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Medium Spicy review: More like a Sweet and Sour story of a typical family

This film is not your usual Rom-Com in the kitchen, and neither is it the high Drama of the Ginsu knife.

  • Manisha Lakhe

Last Updated: 02.10 AM, Jun 16, 2022

Medium Spicy review: More like a Sweet and Sour story of a typical family
Medium Spicy poster

A Sous Chef at a fancy hotel, Nissim wants nothing more than escaping his claustrophobic life at home and at work by moving to Paris as an Executive Chef at a restaurant. Surrounded by all kinds of love, will he be able to write his own love story?


Whether it’s Mostly Martha (Bavarian film, 2001), No Reservations (2007), The Chef (2014), The Hundred Foot Journey (2014) or the homegrown Bengali film Macher Jhol (2017), every movie connected to food makes you hungry. So I entered the theatre hoping to hear the imagined tantalising aromas, the sizzle of the grill and the magnificent plating that makes you wish you were eating the food on the screen rather than the refried samosas on the tray. Clarification: The film is about chefs, but it’s not about food. 

Nissim is a Sous Chef at a ‘big’ hotel and works in the kitchen sometimes stirring the sauce, kneading dough, and even stoking the woodfire. It’s the executive chef Gowri who is shown to be checking stock and yelling at the line cooks to shape up. That confused me, and I had to remind myself often that the film is not about food, it’s about people and the protagonists just happen to be chefs. 

Nissim and Gowri are played by Lalit Prabhakar and Sai Tamhankar - whom you saw just a couple of weeks ago as a couple in Pet Puraan. But thankfully this film is way better than the show. And both are extremely likeable characters in the film. 

Nissim has noticed the pretty gal Prajakta from the Front Office, but has not made any effort to date her. Chef Gowri has noticed this hesitation and has also noticed Nissim’s eyes… Hmm, you sigh into the coffee. There is a recipe of love in this kitchen. But if you had parents like Nissim, would you want to even think of love? Neena Kulkarni and Ravindra Mankani play Nissim’s parents and you take refuge in coffee when you hear the mother go on and on about everything and the father escaping the home to smoke a cigarette rather than argue with his eternally angry, forever a victim wife. Neena Kulkarni is brilliant, and the audience laughed uncomfortably as they too recognised their mothers in Nissim’s mom. But you also recognise that she’s transformed when her son praises the food she makes. 

Nissim’s pregnant sister (played by Neha Joshi) holds her husband figuratively to ransom by making him buy a house for their baby. The husband’s resignation to buying a home in the city instead of a home by the sea is something many people will identify with. After all, when you love somebody, you can put away your dreams, right?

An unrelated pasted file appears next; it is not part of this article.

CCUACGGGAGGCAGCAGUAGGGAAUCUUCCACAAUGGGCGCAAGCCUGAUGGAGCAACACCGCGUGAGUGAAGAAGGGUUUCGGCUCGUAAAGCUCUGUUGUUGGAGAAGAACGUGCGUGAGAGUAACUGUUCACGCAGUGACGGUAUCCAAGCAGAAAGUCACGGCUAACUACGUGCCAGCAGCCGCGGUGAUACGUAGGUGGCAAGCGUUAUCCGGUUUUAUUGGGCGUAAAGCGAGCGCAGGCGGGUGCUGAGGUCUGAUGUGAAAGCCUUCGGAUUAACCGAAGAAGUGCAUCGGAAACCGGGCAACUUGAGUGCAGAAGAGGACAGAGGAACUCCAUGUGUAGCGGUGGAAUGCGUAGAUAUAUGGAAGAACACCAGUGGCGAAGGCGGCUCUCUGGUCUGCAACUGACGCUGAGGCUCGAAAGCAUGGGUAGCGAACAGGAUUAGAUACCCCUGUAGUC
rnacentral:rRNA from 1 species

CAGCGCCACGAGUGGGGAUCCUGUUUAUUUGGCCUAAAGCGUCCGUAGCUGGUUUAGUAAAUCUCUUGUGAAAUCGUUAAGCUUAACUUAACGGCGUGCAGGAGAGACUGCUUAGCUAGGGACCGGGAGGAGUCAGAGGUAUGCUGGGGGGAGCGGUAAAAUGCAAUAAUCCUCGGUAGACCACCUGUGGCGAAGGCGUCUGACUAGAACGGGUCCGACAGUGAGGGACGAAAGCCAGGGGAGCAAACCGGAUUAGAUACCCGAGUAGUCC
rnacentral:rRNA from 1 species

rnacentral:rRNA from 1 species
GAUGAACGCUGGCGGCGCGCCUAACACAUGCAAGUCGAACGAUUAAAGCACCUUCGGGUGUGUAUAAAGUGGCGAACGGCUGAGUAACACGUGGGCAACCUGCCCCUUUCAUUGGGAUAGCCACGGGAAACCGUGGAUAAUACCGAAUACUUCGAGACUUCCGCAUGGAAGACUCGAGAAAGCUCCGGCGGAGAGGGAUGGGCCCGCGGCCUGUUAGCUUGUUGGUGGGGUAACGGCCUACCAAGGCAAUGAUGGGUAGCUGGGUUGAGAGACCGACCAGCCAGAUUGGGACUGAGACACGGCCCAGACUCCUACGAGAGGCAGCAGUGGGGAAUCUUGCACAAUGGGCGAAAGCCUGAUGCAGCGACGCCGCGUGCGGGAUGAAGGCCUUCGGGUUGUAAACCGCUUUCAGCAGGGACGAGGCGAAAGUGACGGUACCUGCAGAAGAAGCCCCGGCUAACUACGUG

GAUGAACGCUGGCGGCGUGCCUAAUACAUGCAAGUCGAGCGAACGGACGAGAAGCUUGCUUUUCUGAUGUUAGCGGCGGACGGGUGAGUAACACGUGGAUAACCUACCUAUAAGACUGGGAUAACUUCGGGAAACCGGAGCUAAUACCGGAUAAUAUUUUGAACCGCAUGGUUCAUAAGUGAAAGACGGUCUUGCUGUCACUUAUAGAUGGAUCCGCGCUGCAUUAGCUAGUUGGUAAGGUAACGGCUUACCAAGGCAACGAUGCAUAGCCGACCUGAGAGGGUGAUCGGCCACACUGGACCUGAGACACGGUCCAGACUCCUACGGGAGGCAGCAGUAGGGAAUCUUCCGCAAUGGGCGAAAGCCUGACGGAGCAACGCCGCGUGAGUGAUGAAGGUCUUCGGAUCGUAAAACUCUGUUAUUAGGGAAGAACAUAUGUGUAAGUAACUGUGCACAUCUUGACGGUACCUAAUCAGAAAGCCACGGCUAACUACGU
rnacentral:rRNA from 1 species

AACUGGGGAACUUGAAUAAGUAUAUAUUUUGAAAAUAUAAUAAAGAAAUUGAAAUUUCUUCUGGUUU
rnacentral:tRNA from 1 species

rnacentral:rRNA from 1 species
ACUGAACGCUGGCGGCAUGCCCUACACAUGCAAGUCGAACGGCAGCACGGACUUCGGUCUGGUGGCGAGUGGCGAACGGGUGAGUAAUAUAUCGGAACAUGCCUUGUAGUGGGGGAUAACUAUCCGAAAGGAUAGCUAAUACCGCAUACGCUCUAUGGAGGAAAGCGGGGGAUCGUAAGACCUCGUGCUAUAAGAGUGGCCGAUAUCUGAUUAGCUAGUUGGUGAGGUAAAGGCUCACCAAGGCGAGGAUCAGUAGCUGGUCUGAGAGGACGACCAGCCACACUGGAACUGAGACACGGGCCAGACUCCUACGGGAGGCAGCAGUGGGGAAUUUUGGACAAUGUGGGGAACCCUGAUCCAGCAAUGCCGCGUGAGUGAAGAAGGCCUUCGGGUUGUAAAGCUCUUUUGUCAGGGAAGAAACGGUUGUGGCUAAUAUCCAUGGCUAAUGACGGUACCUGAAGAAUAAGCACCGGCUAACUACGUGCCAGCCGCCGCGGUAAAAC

The sweet and sour tale of love continues when you realise Nissim’s colleague who loves his job as a chef, but also wants to have a loving home with his wife and child. He struggles with love as well because his wife does not want him to put his work before his family. What kind of love is this?

Nissim likes this girl Prajakta who works in the hotel, but his love story with her is only in his head. He’s attracted to Chef Gowri, but she seems to be disinterested in the ‘forever’ in love. And the job he has interviewed for - so he can run away from everyone - seems to take forever to materialise. 

He finds an answer when he visits his aunt (whom the family has disowned because she rebelled): played magnificently by Arundhati Nag. It’s a tiny role, but oh what an impact. She explains how the silk route seems to be straightforward, but you don’t know how far its tentacles have spread and how many journeys are being taken. You wish they’d spent more time with this rebel aunt than the story of the drunk chef who wants to be with his family. 

When the protagonists are chefs, you do expect to see at least one scene where they cook for one another (who can forget the incredible scene in the Oscar Winning film Moonlight, where Chiron, who is a chef at a Diner, cooks for his long lost lover). But this is more about finding love than about food. Irawati Karnik’s screenplay is about love even though the trailer and the title makes you believe that this is a movie about food. Loved the touches of old fashioned cinema in scenes like when Nissim visits his aunt and crashes on the carpet and it rains outside while a snatch of a ghazal plays softly… I too emerged from the theatre into a light drizzle and ended up humming ‘Bujh sa gaya hai dil’... 


Marathi cinema has raised expectations by gems like Court, Killa and even The Disciple. This film is not your usual Rom-Com in the kitchen, and neither is it high Drama of the Ginsu knife, but it’s like the title: medium spicy, comfort food of the soul.